Provided by Kelly Ng A variety of local food trucks lined up outside Lackawanna Train Station last Thursday for the opening day of Trucks on the Track.

Just a block away from State Street at the Historic Lackawanna Train Station sat about a dozen food trucks for Binghamton’s first food truck festival, Trucks on the Tracks, last Thursday night.

Built in 1901, the train station was once a center for passengers and freight, particularly anthracite coal, during the early 20th century up until its decline beginning in the 1960s. Now, the Binghamton landmark has been revived as a result of a yearlong effort from Jay Pisculli, a partner at Craft Bar and Kitchen and Social on State, and Mark Yonaty, who owns the historic station.

“We were looking at some bigger cities and some of the things that they do,” Pisculli said. “We saw these kinds of festivals in Buffalo, Rochester and other cities all over the country, so we wanted to bring one here. We’re just trying to show off what Binghamton has to offer.”

At Trucks on the Tracks, the sweet and savory options were extensive, with food ranging from chicken tacos to funnel cakes. Additionally, every vendor was locally sourced from neighboring areas like Cortland, New York and Friendsville, Pennsylvania. While I’ve had my fair share of barbecue chicken, macaroni and cheese and most of what’s considered all-American fare, I chose to try the Venezuelan arepa vendor. An arepa is similar to a flatbread made out of ground maize dough and is most prominently featured in Colombian and Venezuelan cuisine. This food truck’s take on the traditional South American dish featured fresh spices, onions and savory chicken. For a kick of sweetness, the arepa had a peach at the bottom of the wrap-like entree to balance the savory flavors.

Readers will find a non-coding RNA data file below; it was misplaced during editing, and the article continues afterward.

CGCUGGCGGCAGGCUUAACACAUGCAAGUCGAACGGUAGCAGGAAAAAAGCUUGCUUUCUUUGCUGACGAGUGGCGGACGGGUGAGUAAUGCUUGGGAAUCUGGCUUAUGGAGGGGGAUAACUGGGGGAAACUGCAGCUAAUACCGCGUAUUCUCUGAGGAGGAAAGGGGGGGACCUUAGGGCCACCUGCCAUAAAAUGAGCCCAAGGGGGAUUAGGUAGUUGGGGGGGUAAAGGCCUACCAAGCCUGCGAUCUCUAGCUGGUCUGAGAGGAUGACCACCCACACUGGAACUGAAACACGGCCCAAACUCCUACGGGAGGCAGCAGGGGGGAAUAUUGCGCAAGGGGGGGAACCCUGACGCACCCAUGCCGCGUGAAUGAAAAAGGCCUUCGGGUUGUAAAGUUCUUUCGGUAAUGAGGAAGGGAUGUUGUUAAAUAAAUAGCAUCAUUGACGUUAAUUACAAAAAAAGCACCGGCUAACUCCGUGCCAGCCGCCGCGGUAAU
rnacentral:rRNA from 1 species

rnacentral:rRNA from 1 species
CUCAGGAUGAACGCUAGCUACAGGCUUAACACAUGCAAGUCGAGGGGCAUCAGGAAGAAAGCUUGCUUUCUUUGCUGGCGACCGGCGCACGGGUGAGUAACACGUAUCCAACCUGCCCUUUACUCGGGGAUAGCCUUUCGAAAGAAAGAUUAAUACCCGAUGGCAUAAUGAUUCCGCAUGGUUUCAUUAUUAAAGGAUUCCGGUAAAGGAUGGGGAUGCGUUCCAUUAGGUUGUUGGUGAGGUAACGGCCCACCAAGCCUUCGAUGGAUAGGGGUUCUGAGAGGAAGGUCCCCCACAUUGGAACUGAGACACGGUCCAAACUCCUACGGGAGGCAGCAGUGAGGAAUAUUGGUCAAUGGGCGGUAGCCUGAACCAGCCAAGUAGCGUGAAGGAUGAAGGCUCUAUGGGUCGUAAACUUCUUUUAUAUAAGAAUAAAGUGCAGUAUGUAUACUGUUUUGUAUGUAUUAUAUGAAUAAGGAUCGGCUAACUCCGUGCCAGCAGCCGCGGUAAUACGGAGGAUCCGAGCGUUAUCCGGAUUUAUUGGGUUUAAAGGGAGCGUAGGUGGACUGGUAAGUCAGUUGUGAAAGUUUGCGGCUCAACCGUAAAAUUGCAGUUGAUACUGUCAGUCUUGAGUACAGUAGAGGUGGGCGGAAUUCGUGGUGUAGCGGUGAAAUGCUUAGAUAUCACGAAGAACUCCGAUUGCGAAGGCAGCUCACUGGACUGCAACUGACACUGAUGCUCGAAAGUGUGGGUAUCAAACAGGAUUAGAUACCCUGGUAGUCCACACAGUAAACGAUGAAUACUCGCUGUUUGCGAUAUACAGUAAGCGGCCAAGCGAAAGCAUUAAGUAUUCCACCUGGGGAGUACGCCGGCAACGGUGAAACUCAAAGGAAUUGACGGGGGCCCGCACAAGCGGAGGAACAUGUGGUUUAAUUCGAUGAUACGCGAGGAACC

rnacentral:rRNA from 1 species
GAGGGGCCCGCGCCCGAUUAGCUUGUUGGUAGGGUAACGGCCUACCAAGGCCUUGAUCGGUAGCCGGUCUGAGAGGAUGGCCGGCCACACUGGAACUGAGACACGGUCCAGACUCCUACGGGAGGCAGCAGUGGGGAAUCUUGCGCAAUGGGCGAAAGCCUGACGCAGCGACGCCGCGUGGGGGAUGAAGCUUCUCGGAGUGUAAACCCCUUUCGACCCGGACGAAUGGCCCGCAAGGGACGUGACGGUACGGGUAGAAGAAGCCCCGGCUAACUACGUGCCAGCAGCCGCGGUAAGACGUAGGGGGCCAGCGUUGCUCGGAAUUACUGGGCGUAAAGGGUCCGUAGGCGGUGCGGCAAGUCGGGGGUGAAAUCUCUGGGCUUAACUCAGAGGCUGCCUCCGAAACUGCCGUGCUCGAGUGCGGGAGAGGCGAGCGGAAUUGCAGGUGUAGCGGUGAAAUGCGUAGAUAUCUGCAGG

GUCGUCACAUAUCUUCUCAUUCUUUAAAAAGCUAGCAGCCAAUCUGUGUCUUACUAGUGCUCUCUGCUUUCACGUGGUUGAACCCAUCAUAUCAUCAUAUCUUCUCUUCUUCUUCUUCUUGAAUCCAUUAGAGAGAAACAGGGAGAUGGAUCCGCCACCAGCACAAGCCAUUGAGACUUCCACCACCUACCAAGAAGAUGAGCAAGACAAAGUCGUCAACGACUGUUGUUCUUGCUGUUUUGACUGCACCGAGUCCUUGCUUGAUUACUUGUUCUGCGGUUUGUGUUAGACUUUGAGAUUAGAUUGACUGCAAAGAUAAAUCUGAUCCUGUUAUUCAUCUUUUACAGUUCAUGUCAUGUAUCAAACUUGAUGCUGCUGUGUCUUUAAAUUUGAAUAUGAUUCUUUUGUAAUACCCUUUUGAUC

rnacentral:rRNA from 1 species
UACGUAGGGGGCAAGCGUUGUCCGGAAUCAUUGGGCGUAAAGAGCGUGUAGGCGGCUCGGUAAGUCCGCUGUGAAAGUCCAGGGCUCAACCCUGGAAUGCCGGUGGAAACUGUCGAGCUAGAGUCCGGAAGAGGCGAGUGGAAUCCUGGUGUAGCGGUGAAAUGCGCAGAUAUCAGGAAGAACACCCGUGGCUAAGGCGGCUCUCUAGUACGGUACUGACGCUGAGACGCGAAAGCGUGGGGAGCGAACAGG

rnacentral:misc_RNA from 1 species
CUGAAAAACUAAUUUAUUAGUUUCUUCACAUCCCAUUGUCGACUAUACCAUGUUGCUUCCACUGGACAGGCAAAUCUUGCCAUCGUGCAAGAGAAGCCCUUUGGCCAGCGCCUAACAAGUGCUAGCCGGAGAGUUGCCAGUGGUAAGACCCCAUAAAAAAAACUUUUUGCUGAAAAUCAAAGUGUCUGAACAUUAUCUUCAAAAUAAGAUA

The once-abandoned train station area was now bustling with local students, families, dogs, live music and plenty of the sights and smells of each vendor’s fare. A building on the property that was also once abandoned was transformed into an ice cream shop, Scoopy Doo’s Old Fashioned Ice Cream, featuring soft serve and hard ice cream flavors as well as a long list of specialty sundaes.

“We only started promoting the first date seven days beforehand, and we still had about 2,000 people show up,” Pisculli said. “Yonaty and I partnered up with Cornell Cooperative Extension [of Broome County] to combine our resources and put this on. Hopefully, people that come here will also go to their farmers market and continue to help support local vendors and restaurants.”

While patrons enjoyed their food, drinks and sweets, vendors were hard at work keeping up with the demand from the steady crowd that entered the Lackawanna Train Station throughout the night. Overall, it was a rally for local businesses to show off their skills and for people to go just a little further down State Street to enjoy a meal with friends and family.

Trucks on the Track has three dates left this summer: Sept. 13, Sept. 27 and Oct. 11 from 5 p.m. to 8 p.m. at 45 Lewis St.